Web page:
The Queen of Golconda

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Drottningen av Golconda (The Queen of Golconda) is a three-act romantic opera by Franz Berwald. The libretto was adapted by the composer from one by Vial and Favières intended for Henri Montan Berton; this had been based on another by Michel-Jean Sedaine. Berwald may have known the Berton opera from when he played in the opera orchestra in Stockholm.

Background[edit]

The work is the culmination of a project Berwald commenced in 1863 as Lochleven Castle, (based on The Abbot by Walter Scott). This was considerably revised for a potential production the composer hoped for at the Théâtre Lyrique in Paris starring Christina Nilsson. The opera was not seen during Berwald’s lifetime, and first staged at the Royal Swedish Opera, Stockholm on 3 April 1968.

The attractive overture may be a later version of the tone poem 'Humorous Capriccio' (1841) from Berwald’s Viennese years; it has occasionally been recorded.

Roles and role creators[edit]

Role Voice type Cast of first stage production, 3 April 1968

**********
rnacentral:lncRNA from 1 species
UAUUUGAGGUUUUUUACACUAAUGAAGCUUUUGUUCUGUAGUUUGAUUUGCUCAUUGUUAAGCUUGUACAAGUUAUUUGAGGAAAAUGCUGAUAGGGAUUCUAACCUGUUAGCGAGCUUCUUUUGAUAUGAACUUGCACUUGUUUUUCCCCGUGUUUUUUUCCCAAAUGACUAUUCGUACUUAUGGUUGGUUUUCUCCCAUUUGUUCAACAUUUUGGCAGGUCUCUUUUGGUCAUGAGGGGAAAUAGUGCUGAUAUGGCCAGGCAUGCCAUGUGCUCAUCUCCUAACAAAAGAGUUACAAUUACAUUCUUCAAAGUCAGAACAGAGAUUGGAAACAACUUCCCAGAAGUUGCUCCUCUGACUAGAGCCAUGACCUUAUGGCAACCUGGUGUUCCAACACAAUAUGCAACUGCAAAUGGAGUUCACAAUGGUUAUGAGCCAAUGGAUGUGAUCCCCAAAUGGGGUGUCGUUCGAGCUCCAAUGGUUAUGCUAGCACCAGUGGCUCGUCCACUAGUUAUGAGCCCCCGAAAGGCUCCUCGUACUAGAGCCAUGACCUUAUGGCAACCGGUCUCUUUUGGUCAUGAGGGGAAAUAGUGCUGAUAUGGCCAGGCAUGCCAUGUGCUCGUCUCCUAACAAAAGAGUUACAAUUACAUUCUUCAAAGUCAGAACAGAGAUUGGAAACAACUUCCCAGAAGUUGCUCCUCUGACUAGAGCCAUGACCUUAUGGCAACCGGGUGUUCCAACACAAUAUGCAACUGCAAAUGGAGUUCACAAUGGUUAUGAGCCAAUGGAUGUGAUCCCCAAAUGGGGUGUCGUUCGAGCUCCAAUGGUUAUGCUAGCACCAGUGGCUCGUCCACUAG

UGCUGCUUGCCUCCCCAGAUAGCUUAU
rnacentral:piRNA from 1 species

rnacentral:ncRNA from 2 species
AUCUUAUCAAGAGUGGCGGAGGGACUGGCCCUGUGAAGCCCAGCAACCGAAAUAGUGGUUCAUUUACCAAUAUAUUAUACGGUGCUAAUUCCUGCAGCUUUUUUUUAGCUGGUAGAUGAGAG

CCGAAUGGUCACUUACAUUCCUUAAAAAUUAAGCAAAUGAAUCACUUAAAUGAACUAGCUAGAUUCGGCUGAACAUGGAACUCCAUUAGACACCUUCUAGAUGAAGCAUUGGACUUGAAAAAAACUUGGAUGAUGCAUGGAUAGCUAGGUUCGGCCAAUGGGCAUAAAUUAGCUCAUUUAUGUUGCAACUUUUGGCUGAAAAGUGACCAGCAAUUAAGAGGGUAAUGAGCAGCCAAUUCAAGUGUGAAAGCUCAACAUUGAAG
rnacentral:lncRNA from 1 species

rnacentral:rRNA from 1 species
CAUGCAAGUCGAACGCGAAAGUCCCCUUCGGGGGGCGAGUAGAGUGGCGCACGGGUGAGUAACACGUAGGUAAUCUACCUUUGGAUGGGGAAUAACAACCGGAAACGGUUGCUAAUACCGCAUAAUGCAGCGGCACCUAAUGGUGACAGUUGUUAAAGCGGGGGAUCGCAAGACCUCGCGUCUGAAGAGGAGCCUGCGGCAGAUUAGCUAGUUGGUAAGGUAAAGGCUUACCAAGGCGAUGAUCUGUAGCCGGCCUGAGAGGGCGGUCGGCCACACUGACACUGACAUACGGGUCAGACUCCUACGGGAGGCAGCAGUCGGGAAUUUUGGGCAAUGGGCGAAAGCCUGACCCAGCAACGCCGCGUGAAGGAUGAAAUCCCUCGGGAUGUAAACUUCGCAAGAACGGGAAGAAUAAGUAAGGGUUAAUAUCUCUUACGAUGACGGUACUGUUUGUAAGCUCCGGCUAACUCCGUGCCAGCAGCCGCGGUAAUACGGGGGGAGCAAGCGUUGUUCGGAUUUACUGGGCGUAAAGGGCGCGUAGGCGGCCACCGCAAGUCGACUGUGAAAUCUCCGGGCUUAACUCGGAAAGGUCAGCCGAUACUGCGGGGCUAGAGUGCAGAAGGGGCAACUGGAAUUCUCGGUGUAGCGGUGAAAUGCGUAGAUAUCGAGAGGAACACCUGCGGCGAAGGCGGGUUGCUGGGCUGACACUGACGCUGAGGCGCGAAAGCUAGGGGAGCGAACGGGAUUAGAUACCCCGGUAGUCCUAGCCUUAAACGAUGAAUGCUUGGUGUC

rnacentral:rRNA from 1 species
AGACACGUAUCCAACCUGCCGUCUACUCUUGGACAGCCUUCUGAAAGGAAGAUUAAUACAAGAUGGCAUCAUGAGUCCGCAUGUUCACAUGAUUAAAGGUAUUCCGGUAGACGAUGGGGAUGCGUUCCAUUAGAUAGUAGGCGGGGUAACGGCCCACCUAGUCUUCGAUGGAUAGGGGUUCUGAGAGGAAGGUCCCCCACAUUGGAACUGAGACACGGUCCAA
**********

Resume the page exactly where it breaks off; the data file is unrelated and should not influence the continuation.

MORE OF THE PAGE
(Conductor: Stig Westerberg)
Drottning Aline soprano Elisabeth Söderström
Zelie, lady-in-waiting soprano Birgit Nordin
Saint Phar, French ambassador baritone Erik Saedén
Sadomar, Prime minister baritone Rolf Jupither
Nadir, Queen's guard tenor Sven Olof Eliasson
Abdala, marshal baritone Carl-Axel Hallgren
Kaleb tenor Sven Erik Vikström
Osmin, judge of the court baritone Paul Höglund

Synopsis[edit]

The story concerns the widowed Queen of Golconda, Aline, who as a girl in Provence had loved Saint Phar. However, she was abducted as a child and sold as a slave to the old King of Golconda who then married her. Saint Phar has recently appeared at court as the new French ambassador. The veiled Aline is not recognised by Saint Phar who delivers to her a friendship treaty with France. At a later meeting in the French gardens where Aline comes in Provençal attire, it emerges that he is still in love with her. Aline and her court are held prisoner during a revolution led by Sadomar, but she is rescued by Saint Phar, to whom she finally reveals her face.

Sources[edit]

Forbes E. Drottningen av Golconda. In: The New Grove Dictionary of Opera. Macmillan, London and New York, 1997.